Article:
Monday, October 5, 2009

Northern Sea Route Has Ramifications For Asian European Trade

North East Passage can Generate More than Financial Benefits
Shipping News Feature

ASIA – EUROPE – The story in the Handy Shipping Guide on the 2nd October outlined the potential political problems which arise with the recent transit of two German vessels utilising the recently navigable North East Passage, only possible because of the effects of global warming.

The story however has further ramifications for the future of maritime trade, with the time and cost of using the waterway on the Asian – European route being the major factor. The initial voyage of the MV “Beluga Fraternity” and the MV “Beluga Foresight” which concluded offloading successfully in Siberia in September then reloading steel pipework in Archangel for Nigeria, is estimated to have saved €300,000 for each vessel, and the ships owners conclude that their multipurpose heavy lift project carriers of the new Beluga P-class with 800 to 1400 tons crane capacities may save twice this figure.

The Beluga Shipping GmbH, who own the two ships, base their estimates on reductions in bunker costs, 200 tonnes of fuel per vessel, plus savings on overheads in reduced transit times. The journey involved on the recent 8,000 mile voyage from Korea saved 3,000 miles over the normal routing. In addition, environmentally harmful emissions are also cut down by sailing the “short cut”.

Although there are undoubted dangers on the route, there is one peril which up to now, the icy waters do not harbour – pirates. By transiting via the passage, ships travel East from Asia and swing up toward the top of the world. They pass the North Russian shore through the Bering Sea, the Bering Strait, the Laptev Sea, the Vilkizki Strait and the Kara Sea.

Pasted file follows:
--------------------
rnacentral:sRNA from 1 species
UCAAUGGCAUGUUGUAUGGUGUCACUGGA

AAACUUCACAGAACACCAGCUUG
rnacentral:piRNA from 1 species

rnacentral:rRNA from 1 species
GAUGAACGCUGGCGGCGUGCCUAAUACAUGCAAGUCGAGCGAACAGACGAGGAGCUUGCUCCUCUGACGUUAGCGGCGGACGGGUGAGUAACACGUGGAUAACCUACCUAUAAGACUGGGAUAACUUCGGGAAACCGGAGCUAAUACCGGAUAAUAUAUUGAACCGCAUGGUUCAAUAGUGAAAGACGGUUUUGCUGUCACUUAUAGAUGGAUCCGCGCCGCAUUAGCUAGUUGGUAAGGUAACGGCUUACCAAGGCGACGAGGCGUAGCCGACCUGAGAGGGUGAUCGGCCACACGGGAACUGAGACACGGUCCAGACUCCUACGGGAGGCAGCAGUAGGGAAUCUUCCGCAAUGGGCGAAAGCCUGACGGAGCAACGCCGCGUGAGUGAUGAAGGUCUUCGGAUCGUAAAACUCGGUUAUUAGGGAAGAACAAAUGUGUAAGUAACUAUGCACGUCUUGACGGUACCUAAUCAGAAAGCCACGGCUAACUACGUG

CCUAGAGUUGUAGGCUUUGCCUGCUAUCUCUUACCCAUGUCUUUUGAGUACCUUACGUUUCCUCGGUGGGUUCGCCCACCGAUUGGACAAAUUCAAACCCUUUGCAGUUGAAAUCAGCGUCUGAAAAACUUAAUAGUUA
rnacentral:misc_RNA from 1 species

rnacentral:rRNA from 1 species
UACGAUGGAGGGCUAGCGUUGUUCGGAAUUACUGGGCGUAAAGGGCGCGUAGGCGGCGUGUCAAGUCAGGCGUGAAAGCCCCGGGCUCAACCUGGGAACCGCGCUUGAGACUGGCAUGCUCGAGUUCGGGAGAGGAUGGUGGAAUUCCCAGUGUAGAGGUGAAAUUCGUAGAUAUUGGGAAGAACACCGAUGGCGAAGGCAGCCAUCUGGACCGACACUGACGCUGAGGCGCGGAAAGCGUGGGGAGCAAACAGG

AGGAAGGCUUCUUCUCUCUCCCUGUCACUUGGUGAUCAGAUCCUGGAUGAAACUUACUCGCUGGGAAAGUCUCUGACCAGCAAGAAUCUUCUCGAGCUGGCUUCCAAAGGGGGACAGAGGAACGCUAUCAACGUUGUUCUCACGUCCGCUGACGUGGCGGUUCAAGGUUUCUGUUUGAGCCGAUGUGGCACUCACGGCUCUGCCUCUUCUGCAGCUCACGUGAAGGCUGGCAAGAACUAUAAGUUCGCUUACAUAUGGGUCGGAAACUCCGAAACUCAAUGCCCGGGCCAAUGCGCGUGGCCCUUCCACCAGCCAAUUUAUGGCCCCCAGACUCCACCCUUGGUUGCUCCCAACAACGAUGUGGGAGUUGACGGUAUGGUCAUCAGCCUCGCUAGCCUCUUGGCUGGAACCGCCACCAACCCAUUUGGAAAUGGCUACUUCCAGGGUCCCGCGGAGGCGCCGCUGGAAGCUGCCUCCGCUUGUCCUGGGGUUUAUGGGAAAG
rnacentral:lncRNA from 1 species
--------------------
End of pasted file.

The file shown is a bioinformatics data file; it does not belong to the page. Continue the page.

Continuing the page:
This route means the hazards of robbery on the high seas at possibly the two most dangerous spots on the globe – the Straits of Sumatra and the Gulf of Aden – are simply avoided. The voyage can then continue West into European waters.

Beluga are certain that they have discovered the route of the future. The company, which specializes in super heavy lift vessels, are already taking bookings for the six to eight weeks when the waterway will be navigable in 2010. They are planning a convoy of as many as six ships to undertake the journey and have ordered new larger vessels for the purpose.

The company can claim to be truly innovative in its approach to all its works. To plan the assault on the Arctic they initiated a full scale investigation including the use of satellite photography, equipping ice hardened vessels, an in house meteorological team and approaches to Russian authorities for permits and assistance. In addition, with the environment and economies of the future in mind, they built a ship MV “Beluga Skysails” to test and utilise a towing kite system as a auxilary propulsion.

Pic: MV “Beluga Skysails” off Las Palmas loaded with wind generating plant.